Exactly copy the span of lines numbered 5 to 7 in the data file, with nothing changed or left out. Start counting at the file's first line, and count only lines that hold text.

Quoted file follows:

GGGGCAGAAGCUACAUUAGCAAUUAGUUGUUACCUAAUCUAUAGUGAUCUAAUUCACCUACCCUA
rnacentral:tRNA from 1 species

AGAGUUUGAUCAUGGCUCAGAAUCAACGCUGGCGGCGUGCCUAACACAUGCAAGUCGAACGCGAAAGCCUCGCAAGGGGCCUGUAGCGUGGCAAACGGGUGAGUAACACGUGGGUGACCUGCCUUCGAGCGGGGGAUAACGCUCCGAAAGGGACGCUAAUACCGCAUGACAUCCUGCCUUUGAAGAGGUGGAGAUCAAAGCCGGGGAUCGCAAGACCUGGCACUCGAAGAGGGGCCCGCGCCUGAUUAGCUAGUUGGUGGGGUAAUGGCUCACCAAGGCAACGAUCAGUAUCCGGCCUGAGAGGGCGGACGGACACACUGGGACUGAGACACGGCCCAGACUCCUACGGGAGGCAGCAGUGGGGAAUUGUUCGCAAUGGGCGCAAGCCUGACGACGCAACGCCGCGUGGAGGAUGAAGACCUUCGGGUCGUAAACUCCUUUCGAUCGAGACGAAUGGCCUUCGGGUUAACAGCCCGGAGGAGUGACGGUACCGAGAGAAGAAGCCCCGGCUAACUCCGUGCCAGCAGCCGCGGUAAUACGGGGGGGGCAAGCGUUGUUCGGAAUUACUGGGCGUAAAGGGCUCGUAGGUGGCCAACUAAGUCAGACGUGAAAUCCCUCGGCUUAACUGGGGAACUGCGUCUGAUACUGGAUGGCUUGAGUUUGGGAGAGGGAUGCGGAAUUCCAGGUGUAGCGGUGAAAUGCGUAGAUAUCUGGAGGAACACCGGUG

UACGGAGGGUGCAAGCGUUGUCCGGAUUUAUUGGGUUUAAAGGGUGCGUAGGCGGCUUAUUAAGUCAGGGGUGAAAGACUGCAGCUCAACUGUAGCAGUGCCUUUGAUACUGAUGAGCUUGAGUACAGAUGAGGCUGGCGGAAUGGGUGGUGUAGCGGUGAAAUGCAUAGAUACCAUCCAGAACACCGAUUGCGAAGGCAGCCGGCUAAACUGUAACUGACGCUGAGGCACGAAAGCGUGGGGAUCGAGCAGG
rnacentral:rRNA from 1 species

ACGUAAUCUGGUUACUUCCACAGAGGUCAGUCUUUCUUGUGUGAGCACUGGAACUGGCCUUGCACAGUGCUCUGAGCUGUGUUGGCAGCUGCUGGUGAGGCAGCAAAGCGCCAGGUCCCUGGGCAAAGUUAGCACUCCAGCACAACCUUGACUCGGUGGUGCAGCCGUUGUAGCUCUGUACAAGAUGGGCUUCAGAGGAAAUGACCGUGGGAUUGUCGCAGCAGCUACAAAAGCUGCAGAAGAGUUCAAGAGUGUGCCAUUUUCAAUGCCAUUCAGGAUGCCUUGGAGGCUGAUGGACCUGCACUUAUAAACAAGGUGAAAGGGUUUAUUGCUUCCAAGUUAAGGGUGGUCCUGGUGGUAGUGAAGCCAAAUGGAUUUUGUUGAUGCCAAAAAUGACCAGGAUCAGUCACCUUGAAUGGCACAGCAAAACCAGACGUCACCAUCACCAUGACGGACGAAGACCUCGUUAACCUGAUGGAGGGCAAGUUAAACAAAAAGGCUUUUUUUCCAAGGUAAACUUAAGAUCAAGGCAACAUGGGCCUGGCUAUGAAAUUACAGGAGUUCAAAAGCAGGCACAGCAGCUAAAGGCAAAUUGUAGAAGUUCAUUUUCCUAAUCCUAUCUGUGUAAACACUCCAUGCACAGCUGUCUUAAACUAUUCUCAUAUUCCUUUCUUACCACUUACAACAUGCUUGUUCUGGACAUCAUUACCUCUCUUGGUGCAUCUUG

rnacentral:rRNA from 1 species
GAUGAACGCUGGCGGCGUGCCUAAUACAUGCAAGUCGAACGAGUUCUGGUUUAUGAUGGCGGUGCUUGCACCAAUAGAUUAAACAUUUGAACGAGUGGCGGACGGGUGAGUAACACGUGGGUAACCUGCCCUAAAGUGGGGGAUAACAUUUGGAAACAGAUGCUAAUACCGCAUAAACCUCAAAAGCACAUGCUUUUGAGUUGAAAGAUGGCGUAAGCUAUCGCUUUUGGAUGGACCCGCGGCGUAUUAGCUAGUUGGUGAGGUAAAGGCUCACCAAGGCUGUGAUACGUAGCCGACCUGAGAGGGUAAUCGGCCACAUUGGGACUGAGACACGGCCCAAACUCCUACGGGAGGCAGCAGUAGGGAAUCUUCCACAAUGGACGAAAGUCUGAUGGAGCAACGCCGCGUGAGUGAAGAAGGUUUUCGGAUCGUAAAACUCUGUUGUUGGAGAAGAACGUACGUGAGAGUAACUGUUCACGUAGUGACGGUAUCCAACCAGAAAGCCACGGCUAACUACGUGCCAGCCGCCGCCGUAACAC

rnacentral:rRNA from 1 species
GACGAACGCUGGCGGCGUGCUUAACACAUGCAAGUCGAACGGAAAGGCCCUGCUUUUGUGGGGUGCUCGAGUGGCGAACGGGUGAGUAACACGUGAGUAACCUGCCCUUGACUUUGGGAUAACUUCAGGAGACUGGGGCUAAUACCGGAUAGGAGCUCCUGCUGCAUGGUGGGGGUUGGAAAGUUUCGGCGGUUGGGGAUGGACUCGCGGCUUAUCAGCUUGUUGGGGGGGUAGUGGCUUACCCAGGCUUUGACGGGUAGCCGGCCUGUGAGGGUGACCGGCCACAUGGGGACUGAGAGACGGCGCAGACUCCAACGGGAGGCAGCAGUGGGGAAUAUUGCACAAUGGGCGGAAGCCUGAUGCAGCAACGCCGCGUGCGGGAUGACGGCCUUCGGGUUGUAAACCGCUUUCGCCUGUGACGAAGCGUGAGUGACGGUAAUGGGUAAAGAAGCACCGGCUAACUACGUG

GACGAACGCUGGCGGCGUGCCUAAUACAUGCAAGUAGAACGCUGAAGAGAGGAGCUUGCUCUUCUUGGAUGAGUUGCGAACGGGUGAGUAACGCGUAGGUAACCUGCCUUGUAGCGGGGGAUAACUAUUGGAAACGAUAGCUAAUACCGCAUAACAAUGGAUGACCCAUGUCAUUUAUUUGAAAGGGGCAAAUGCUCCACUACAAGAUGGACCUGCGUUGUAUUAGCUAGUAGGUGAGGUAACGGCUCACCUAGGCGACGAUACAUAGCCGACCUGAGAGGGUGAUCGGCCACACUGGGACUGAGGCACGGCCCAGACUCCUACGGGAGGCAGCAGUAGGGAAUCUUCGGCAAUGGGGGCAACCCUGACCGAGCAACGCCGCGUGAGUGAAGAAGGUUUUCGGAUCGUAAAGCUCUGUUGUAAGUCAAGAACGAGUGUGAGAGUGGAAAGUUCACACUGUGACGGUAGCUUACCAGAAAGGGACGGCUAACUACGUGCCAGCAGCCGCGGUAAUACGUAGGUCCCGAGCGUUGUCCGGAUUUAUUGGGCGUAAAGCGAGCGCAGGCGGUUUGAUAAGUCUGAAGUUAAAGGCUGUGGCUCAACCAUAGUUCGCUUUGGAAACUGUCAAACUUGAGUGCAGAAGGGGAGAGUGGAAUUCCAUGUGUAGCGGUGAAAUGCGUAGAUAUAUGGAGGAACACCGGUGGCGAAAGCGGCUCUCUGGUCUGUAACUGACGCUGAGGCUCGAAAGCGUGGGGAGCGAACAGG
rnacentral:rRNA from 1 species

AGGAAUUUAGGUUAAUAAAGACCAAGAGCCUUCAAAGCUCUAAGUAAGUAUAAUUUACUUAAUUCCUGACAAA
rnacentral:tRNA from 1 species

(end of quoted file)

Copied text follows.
rnacentral:rRNA from 1 species

ACGUAAUCUGGUUACUUCCACAGAGGUCAGUCUUUCUUGUGUGAGCACUGGAACUGGCCUUGCACAGUGCUCUGAGCUGUGUUGGCAGCUGCUGGUGAGGCAGCAAAGCGCCAGGUCCCUGGGCAAAGUUAGCACUCCAGCACAACCUUGACUCGGUGGUGCAGCCGUUGUAGCUCUGUACAAGAUGGGCUUCAGAGGAAAUGACCGUGGGAUUGUCGCAGCAGCUACAAAAGCUGCAGAAGAGUUCAAGAGUGUGCCAUUUUCAAUGCCAUUCAGGAUGCCUUGGAGGCUGAUGGACCUGCACUUAUAAACAAGGUGAAAGGGUUUAUUGCUUCCAAGUUAAGGGUGGUCCUGGUGGUAGUGAAGCCAAAUGGAUUUUGUUGAUGCCAAAAAUGACCAGGAUCAGUCACCUUGAAUGGCACAGCAAAACCAGACGUCACCAUCACCAUGACGGACGAAGACCUCGUUAACCUGAUGGAGGGCAAGUUAAACAAAAAGGCUUUUUUUCCAAGGUAAACUUAAGAUCAAGGCAACAUGGGCCUGGCUAUGAAAUUACAGGAGUUCAAAAGCAGGCACAGCAGCUAAAGGCAAAUUGUAGAAGUUCAUUUUCCUAAUCCUAUCUGUGUAAACACUCCAUGCACAGCUGUCUUAAACUAUUCUCAUAUUCCUUUCUUACCACUUACAACAUGCUUGUUCUGGACAUCAUUACCUCUCUUGGUGCAUCUUG

rnacentral:rRNA from 1 species